Health centers serve as medical home and partner in your overall healthcare. They provide a care delivery model that is patient-centered, comprehensive, team-based, coordinated, accessible, and focused on quality and safety. Health centers partner with hospitals, medical clinics, specialists, testing facilities, pharmacies and other entities to ensure that the patient’s medical needs are met. About Health First Community Health Center Health First Community Health Center is a not-forprofit, federally qualified health center. We operate 7 clinics throughout 6 counties in Western Kentucky. Our mission is to serve as a focal point in the region for increasing access to primary care services and improving the health status of the residents in the communities, we serve regardless of financial status. Our dedicated team of medical professionals are commit to providing quality, evidence based care to the community.

Are you struggling to afford healthcare or medications for your family?

We can help!

Ask us about the patient assistance programs available to remove barriers to care.

(270) 926-9821 2816 Veach Rd. | Owensboro Maranda Miles L. Robin Marrero, Sue Lindsey, APRN, FNP-C APRN, FNP-BC MSW, LCSW Family Practice Family Practice Behavioral Health

Lori Conger, RD, LD Nutrition

(Lincoln Professional Center)

HealthFirstCHC.net

We accept Medicaid, Medicare, KCHIP, and all major commercial insurance. A sliding fee scale discount is available for all who qualify (based on income and household size).


YEAST BRINGS HIS STORIED CAREER TO KWC FOOTBALL

PHOTO BY GREG EANS

written by Joseph Russell

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Greater Owensboro


Following a record-setting career as a wide receiver at the University of Kentucky, Yeast played professionally for eight seasons across the National Football and Canadian Football leagues. Not long after his playing days ended, Yeast found a way to extend his football career through coaching. The Danville native and former Harrodsburg High School star had stints as the head coach at Lexington’s Bryan Station High School and Fremont Ross High School in Toledo, Ohio. He also held assistant coaching jobs at Tiffin University and Franklin College. Then Kentucky Wesleyan College came calling. Yeast was named the Panthers’ head coach on Dec. 3, 2018. Becoming a college football head coach for the first time, Yeast was aware of the challenges that awaited. “It’s a process,” Yeast said. “The thing we’re trying to do is change the culture, change the mindset, how we approach class, how we walk around campus and also how we go about our daily activities — whether it’s in the weight room, whether it’s on the practice field — and then trying to take everything we do to the game field.” According to Yeast, the

process of constructing any program begins with accountability. “You’ve really got to be accountable for everything that you do,” he said. “Our coaches and players hold me accountable for certain things, and our players get held accountable for everything. That’s the way you build it. “You’ve got to do everything the right way all the time, not some of the time.” Eventually, Yeast added, he hopes to see Wesleyan football become an integral part of the community. “We’re just trying to ingrain ourselves into the community,” he said. “That’s the way you do it. You get out and continue to do things, and hopefully, at some point, the people in Owensboro will love Kentucky Wesleyan football more than what they do now.”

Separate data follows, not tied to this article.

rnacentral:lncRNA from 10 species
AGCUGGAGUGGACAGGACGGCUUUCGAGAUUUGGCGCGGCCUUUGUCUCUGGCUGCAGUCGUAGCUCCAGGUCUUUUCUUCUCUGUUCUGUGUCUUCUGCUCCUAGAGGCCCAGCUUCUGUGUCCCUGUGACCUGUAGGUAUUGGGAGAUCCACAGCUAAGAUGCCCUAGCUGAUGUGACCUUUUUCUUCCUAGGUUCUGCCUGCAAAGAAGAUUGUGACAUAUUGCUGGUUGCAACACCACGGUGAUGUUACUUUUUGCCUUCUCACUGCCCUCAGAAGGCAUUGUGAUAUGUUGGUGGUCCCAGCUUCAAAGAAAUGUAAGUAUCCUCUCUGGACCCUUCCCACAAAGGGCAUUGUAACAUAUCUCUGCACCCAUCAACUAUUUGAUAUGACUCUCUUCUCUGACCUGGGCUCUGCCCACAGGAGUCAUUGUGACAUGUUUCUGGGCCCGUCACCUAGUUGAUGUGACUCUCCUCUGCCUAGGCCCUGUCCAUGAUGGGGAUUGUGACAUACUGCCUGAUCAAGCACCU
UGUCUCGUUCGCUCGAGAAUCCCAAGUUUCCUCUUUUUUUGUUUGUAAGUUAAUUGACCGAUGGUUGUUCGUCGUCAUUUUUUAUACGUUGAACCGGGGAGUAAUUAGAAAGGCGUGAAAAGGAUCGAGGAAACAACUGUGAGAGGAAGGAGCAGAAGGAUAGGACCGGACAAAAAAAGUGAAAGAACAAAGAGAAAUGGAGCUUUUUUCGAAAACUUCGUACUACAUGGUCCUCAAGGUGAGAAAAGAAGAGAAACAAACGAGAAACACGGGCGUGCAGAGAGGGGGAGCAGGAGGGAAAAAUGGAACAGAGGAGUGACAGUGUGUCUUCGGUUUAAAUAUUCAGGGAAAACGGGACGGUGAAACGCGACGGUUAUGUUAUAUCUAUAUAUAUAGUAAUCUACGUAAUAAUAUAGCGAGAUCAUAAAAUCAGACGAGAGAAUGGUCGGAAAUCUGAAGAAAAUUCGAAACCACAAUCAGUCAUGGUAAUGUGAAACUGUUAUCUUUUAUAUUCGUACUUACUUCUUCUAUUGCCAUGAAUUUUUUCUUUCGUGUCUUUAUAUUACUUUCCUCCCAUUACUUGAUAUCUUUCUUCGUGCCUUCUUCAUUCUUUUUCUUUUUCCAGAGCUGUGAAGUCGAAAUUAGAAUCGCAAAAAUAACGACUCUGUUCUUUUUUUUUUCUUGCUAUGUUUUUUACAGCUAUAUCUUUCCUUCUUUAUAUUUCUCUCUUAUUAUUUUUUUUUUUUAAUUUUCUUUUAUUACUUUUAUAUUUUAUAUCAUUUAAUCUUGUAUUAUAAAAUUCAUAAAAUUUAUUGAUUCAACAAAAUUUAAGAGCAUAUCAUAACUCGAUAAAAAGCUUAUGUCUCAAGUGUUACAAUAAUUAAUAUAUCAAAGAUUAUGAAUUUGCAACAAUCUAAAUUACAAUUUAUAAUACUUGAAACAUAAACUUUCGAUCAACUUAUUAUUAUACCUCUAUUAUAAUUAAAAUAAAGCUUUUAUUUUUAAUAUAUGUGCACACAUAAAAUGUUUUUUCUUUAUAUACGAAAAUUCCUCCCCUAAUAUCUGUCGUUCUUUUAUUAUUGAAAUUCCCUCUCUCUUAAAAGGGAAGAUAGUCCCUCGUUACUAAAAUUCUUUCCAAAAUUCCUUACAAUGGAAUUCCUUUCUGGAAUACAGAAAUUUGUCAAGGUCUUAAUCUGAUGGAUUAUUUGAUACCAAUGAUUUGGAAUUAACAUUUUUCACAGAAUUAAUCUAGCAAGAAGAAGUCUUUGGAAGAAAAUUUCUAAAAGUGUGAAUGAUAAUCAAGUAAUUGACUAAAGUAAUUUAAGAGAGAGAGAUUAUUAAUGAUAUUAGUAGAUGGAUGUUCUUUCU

I’m proud to protect Owensboro because I know Owensboro. As your local Allstate agent, I know the ins and outs of all your insurance needs. Call, email, or stop by my office any time so I can provide protection for the things you love.

And, more importantly than anything, Yeast and his coaches are prepared for what’s to come.

Paul David Hayden Paula Hayden 270-926-7007 270-926-7007

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“It’s a lot of fun,” he said. “It’s very challenging, but it’s a lot of fun at the same time.” Yeast and his wife, Tori, have two children: Russ, a member of the University of Louisville football team, and Kiyah, a track-and-field standout in Indiana high school athletics.

Proud member of the Chamber of Commerce. Subject to terms, conditions and availability. Allstate Property and Casualty Insurance Co. © 2018 Allstate Insurance Co.

Greater Owensboro

257626

Football has always been a part of Craig Yeast’s life.

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How Can Elder Advantage Help Your Family? Asset Preservation: You spend an entire lifetime accruing assets and building legacies. Working in cooperation with attorneys* and other professionals, we will work to devise a plan to keep those assets safe, so that they don’t get unnecessarily trapped by nursing home expenses and income restraints.

We Offer Hope, Help & Answers

Medicaid Representation: Medicaid policies are ever-changing; many applicants can fall prey to misinformation about what they can (or should) do to avoid or limit nursing home Medicaid “spend down”. Our team of professionals will work to maximize benefit procurement and we will be an advocate who stands up for your rights. Veterans Benefits – We Can Help! Many veterans and their spouses are unaware of the benefits they could be receiving. We help veterans to maximize their VA pension benefits by working within the system to get veterans the help they deserve. If you have a loved one in a nursing facility or may be going into one soon, let our team help you get the benefits you deserve. For a FREE consultation please call (270) 684-6757.